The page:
What is stopping UK scale-up businesses?

For the UK economy to thrive, scaleup businesses must thrive. As part of its scaling-up series Business Leader asks – what are the barriers that scaleup businesses are facing? A scaleup business is one that has achieved year-on-year growth of at least 20% for three years and has more than twenty staff.

Mike Dias is the founder of ScaleUp Valley, an influential community that supports businesses in the UK that are looking to scale-up.

On what he feels are the critical ingredients needed for businesses looking to scale, he says: “World class leadership across all layers, radical focus and a bold culture of lifelong learning that inspires execution are key. And the most common barriers to growth are the opposite of these values. They are leadership development, having a complex strategy where you are always chasing the next big thing and a culture of excuses that leads to sloppy execution.”

On what differentiates the winners and losers in the scale-up space, Mike goes on to say: “The teams who win are the ones who don’t get distracted with the next big thing and stay loyal to a clear strategy with radical focus. Look at Zoom. Video-conference solutions were not the next big thing. Yes, but they are on their way to $1bn after IPO this year.”

Access to capital

Christine Hockley, Director of British Patient Capital believes that access to funding is also one of the main reasons that stop businesses from scaling up.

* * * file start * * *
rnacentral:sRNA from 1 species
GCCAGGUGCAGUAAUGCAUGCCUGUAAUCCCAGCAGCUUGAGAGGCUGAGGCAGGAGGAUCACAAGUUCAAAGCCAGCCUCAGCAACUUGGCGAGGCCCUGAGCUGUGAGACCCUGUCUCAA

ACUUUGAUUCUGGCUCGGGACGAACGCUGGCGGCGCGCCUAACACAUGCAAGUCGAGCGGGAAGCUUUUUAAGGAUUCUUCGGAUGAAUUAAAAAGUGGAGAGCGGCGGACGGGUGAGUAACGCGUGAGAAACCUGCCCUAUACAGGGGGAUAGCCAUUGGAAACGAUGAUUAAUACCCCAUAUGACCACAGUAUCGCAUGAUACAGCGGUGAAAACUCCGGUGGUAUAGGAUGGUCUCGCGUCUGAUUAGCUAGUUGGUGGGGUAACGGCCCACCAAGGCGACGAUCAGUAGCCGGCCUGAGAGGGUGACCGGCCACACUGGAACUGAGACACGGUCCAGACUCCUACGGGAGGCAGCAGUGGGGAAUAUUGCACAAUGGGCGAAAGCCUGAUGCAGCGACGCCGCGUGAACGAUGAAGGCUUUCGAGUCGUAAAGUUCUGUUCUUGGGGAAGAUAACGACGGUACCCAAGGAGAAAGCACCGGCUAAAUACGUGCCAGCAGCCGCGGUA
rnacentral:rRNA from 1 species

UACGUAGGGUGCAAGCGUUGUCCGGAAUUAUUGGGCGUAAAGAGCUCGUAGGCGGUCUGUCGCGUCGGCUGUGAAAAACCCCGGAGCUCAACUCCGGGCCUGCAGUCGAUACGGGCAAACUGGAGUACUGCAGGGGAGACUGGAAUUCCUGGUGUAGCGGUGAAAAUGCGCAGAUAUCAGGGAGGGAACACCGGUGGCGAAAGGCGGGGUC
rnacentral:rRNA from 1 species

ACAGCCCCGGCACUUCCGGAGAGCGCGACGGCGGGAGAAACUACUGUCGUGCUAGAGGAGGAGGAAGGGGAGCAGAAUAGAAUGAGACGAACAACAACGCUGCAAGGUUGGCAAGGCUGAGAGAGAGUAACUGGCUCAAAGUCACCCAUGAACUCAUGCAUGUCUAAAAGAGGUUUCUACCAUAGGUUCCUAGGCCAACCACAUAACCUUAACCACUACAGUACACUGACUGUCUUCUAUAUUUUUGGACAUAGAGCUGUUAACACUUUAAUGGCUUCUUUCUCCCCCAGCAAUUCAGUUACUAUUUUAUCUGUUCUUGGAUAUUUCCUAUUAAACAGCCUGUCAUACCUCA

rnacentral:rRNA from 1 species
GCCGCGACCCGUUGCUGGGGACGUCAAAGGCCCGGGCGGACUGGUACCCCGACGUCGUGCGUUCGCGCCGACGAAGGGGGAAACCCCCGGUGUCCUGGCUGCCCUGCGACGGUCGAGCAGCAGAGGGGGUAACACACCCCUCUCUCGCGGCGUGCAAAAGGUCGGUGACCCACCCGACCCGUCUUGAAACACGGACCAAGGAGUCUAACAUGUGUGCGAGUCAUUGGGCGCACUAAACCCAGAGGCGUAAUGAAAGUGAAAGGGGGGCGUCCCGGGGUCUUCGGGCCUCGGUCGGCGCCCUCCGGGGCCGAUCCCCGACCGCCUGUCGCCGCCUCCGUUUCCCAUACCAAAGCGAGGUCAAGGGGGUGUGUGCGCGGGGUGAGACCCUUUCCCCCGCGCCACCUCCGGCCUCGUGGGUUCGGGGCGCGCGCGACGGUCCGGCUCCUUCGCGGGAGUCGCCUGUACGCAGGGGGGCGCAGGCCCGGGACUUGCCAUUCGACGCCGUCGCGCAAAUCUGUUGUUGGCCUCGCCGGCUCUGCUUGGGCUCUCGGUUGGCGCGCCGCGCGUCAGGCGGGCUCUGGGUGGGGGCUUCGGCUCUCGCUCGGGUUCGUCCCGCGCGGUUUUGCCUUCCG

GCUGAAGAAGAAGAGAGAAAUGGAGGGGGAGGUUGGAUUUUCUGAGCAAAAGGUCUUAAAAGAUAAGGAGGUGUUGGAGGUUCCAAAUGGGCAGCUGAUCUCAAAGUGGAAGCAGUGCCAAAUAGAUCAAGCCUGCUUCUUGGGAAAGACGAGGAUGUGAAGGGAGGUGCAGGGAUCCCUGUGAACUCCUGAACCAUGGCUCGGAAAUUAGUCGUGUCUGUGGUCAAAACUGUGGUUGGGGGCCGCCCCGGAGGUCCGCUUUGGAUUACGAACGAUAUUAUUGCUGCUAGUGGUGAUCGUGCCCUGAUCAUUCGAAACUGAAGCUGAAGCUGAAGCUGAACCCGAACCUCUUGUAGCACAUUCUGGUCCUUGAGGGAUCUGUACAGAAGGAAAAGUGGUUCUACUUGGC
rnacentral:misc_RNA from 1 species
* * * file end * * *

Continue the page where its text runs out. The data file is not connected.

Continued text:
She comments: “Britain has a proud tradition of being among the best places in the world for entrepreneurs and innovators to start their own business. However, once those businesses become established many are unable to fulfil their high growth potential, due to a lack of patient capital.

“They might have an innovative idea they want to prove through investment in R&D, or a new product to bring to market, but struggle to obtain the larger amounts of long-term, venture and growth capital required to scale their businesses. It often means too many high-growth potential businesses are forced to grow at a slower rate or look abroad when they want to

“With £2.5bn of funds to invest into venture and venture growth capital funds over the next decade, we’re working alongside institutional investors with the aim of attracting a further £5bn of patient capital investment, unlocking £7.5bn of finance.”


Rob Perks, who is the CEO of Inspire, agrees that access to capital is a major barrier to growth alongside access to good mentors.